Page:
By Kevin Matthews
Robberies are her favorite. When she was a new crime analyst for the Ventura County Sheriff’s Office, Jen LaMoure ’09 tracked vehicle thefts and sex crimes. She moved on to robberies and saw that they were small in number, locally, and serial in nature. One person would hit coffee houses, and another “with a very distinct M.O.” held up gas stations for cigarettes and lotto tickets. Within weeks or months, the sheriff’s office closed nearly all of her cases.
Since offenders do not respect jurisdictional boundaries, LaMoure has been able to help end crime sprees affecting people throughout California and across the nation. These days, she said, solving a case usually takes at least one police investigator who thinks like a cop and one analyst who knows data sets and has an eye for patterns.
Let’s say pharmacies are being robbed. Well, which ones? Is it a major chain or “all the mom and pop shops?” asks LaMoure. “Or maybe it’s all the ones that are facing a certain way on the street. Or they’re a certain distance away from the freeway exit. Or in a strip mall.” Today, questions like these can be refined and answered more rapidly than ever, with the rise of open source data and the growth in LaMoure’s desk-bound brand of police work.
Possibly the first Ventura County crime analyst to specialize in the subfield, LaMoure has made her mark in cellular analytics, which typically involves the use of phone company call records to place a cellular handset at a certain time and location. She helped to establish a cellular analytics training program and has taken her expertise to national conferences.
“I became infatuated with it. It was my favorite thing in the world to look at and to do,” she said. “When you got the data, it was a puzzle to undo it, but once you undid it, it was right there. The numbers don’t lie.”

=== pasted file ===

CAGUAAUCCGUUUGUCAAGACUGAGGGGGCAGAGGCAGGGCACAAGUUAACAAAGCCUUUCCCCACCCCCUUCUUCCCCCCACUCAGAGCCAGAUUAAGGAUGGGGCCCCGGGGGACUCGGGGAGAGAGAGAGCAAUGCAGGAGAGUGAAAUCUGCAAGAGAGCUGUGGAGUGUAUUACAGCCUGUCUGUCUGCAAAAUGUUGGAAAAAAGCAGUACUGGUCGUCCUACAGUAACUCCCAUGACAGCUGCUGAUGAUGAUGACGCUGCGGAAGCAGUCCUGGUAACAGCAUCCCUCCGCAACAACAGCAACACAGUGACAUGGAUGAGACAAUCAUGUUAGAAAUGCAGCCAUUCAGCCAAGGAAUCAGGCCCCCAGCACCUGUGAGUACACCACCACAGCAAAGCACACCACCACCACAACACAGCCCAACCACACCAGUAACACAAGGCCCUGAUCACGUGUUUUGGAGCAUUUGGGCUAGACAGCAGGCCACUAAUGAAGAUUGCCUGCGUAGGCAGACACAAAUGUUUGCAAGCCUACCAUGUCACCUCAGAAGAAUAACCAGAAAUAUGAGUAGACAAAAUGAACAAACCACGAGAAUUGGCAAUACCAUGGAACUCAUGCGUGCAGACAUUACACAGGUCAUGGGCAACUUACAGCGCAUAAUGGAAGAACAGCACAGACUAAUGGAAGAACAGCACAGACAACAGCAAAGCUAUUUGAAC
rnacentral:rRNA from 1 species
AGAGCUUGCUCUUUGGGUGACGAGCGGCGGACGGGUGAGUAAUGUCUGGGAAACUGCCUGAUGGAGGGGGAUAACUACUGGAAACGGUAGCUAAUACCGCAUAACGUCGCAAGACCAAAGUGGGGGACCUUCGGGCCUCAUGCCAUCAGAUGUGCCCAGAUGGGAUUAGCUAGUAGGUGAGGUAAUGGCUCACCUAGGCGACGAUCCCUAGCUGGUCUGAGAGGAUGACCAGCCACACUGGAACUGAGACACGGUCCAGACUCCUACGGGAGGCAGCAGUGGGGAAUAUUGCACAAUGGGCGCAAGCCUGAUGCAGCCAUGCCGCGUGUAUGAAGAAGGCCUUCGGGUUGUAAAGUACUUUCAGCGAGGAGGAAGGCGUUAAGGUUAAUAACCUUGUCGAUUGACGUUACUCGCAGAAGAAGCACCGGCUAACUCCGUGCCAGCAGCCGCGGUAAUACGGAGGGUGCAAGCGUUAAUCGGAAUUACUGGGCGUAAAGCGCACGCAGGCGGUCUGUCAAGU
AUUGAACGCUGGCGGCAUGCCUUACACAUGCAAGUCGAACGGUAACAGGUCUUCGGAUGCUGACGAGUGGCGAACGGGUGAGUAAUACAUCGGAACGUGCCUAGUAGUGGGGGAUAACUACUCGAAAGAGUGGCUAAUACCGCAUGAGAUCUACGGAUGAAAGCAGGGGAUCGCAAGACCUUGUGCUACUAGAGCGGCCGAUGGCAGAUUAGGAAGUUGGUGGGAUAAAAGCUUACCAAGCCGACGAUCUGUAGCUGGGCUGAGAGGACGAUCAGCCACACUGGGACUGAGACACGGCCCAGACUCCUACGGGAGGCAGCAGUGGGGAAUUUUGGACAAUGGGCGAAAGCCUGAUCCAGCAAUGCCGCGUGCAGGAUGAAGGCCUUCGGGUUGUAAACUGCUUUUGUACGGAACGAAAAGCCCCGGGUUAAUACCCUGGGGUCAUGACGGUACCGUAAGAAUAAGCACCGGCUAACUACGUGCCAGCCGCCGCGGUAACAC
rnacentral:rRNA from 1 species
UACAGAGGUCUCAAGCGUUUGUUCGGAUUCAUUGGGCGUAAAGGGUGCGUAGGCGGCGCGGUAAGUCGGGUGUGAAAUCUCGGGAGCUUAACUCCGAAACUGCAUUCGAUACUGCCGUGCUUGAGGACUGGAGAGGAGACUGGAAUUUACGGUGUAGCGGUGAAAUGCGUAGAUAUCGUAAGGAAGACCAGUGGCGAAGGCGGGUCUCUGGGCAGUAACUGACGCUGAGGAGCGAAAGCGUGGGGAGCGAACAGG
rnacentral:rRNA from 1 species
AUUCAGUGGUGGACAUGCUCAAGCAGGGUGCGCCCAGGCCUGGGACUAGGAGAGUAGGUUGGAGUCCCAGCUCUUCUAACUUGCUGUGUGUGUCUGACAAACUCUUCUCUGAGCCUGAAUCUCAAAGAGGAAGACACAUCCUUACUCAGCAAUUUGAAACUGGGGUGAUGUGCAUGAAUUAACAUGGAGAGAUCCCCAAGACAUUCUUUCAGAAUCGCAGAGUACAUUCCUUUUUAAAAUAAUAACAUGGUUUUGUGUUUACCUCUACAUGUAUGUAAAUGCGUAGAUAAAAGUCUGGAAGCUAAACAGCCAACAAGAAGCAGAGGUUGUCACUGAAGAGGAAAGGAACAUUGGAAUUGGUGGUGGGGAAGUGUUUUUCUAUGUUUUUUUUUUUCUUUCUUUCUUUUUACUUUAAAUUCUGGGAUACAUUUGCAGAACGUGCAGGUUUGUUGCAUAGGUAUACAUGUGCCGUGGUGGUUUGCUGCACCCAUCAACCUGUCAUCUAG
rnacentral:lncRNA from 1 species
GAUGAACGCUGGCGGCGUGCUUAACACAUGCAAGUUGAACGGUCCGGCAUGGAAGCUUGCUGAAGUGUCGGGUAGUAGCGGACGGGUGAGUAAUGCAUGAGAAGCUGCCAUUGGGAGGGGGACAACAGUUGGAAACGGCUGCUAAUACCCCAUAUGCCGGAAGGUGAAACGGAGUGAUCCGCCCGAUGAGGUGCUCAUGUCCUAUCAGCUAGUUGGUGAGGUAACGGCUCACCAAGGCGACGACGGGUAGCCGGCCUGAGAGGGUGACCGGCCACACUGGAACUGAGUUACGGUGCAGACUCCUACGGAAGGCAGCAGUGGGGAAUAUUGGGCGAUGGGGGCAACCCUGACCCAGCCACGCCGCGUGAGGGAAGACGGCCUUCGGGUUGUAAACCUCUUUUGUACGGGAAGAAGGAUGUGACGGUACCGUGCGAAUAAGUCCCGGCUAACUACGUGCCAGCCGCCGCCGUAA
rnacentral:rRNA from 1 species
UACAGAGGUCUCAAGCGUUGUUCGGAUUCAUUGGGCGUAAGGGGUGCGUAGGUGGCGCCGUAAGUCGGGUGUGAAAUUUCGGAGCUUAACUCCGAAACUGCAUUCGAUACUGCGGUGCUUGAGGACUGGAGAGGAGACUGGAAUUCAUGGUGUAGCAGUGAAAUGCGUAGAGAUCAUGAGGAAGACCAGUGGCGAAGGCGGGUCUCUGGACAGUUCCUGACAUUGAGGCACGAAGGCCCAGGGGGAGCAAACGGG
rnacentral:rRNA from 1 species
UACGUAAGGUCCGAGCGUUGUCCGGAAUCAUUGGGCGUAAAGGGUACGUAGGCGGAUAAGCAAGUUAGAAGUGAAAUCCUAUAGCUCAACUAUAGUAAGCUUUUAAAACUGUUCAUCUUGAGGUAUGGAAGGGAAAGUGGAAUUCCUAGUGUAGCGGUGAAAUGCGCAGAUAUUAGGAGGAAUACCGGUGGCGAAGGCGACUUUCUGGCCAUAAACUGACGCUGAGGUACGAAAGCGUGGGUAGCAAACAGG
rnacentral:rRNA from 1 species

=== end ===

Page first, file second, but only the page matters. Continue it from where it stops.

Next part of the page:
LaMoure now runs the 15-person crime analysis unit at the sheriff’s office. It’s her dream job, and one that she knew nothing about upon entering Cal Lutheran as a criminal justice major. At that time, she appreciated the community benefits of law enforcement and also knew she did not want to carry handcuffs or a gun. After graduation, she earned a Master of Advanced Study in criminology, law and society from UC Irvine and state certification in crime and intelligence analysis.
For the second time this semester, LaMoure is teaching a Cal Lutheran course that was developed at the suggestion of her former professor and mentor Helen Lim.
Criminal justice and criminology majors in the course hardly ever, at first, want to be crime analysts, LaMoure says. They aspire to become police officers, lawyers and federal agents. They want to work investigations as detectives or in forensics. On the first evening of class, some of them expect Crime Analysis to be “like NCIS or Forensic Files.”
But by the end, LaMoure will have a line of would-be interns and a classroom of people prepared to see police work through different eyes. Lisa Alvarado ’01, Sarah Dawoodjee ’17, Abbigael Howard ’18 and Jordan Kessler ’18 all work in her sheriff’s office unit.
LaMoure enjoys “engaging with people who don’t really know about crime analysis. Sometimes they see something that people who look at it every day miss.”